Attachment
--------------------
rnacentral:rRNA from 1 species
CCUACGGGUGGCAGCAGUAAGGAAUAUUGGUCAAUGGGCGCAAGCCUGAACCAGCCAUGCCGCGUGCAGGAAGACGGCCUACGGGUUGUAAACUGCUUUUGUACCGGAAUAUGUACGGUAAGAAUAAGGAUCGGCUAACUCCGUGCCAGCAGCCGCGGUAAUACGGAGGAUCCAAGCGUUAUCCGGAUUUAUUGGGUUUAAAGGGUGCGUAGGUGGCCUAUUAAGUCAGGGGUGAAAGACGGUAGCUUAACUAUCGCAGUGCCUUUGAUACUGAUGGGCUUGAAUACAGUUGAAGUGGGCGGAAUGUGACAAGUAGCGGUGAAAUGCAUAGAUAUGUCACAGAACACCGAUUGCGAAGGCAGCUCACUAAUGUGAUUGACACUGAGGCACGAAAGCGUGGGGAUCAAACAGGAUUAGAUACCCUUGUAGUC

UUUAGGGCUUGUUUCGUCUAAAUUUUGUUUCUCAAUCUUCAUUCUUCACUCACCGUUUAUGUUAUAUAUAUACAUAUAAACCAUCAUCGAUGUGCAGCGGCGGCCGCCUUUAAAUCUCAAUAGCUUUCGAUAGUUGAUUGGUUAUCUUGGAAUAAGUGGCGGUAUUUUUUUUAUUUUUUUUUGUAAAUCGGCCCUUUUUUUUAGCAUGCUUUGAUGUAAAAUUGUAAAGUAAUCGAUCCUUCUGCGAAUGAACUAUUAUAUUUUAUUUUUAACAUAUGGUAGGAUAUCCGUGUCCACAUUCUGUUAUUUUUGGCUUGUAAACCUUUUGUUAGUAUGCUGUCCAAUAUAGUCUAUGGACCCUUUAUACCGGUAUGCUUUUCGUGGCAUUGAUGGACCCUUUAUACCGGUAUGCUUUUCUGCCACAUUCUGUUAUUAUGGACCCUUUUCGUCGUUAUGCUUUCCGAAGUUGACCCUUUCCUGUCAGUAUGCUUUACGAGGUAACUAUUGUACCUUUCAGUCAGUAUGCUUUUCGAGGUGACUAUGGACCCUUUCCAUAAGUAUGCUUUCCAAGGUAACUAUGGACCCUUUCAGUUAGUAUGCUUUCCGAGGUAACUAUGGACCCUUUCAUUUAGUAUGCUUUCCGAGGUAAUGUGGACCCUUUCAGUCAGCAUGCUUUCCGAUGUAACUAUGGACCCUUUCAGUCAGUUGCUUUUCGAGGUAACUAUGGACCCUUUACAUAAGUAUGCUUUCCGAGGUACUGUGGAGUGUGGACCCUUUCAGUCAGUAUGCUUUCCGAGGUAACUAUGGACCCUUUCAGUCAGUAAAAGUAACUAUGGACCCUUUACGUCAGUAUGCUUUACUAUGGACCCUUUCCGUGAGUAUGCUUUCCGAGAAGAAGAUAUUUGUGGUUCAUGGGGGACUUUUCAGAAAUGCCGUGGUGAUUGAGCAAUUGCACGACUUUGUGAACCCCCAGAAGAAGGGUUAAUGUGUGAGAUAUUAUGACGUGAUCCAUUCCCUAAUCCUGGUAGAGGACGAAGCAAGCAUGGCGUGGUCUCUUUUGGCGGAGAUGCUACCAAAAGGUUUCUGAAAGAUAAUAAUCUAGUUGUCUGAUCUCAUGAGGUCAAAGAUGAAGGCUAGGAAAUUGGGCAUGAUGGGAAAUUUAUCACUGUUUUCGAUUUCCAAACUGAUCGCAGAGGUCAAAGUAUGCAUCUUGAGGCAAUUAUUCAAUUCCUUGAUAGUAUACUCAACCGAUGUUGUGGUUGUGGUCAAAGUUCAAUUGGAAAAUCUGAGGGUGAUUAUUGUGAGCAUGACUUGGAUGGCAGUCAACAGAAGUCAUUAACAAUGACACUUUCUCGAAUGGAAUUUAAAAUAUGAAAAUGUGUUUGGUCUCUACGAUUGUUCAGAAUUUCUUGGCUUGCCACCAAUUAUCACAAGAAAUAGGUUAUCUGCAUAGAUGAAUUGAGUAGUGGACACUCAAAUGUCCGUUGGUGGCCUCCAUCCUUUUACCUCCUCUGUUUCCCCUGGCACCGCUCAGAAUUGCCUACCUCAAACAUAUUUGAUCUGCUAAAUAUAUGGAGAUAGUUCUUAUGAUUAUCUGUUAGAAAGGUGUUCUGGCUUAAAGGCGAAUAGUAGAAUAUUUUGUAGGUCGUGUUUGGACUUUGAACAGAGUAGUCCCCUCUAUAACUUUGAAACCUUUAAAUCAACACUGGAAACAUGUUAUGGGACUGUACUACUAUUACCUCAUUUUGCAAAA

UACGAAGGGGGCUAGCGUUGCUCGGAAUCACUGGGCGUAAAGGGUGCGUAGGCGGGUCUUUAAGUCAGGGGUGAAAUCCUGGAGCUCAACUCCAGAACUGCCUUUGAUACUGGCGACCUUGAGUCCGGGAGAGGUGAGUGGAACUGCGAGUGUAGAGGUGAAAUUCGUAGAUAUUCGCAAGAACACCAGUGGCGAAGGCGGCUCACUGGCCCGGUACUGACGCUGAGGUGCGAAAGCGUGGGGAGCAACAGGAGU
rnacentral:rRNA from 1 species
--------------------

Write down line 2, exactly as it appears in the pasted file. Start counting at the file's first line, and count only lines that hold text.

CCUACGGGUGGCAGCAGUAAGGAAUAUUGGUCAAUGGGCGCAAGCCUGAACCAGCCAUGCCGCGUGCAGGAAGACGGCCUACGGGUUGUAAACUGCUUUUGUACCGGAAUAUGUACGGUAAGAAUAAGGAUCGGCUAACUCCGUGCCAGCAGCCGCGGUAAUACGGAGGAUCCAAGCGUUAUCCGGAUUUAUUGGGUUUAAAGGGUGCGUAGGUGGCCUAUUAAGUCAGGGGUGAAAGACGGUAGCUUAACUAUCGCAGUGCCUUUGAUACUGAUGGGCUUGAAUACAGUUGAAGUGGGCGGAAUGUGACAAGUAGCGGUGAAAUGCAUAGAUAUGUCACAGAACACCGAUUGCGAAGGCAGCUCACUAAUGUGAUUGACACUGAGGCACGAAAGCGUGGGGAUCAAACAGGAUUAGAUACCCUUGUAGUC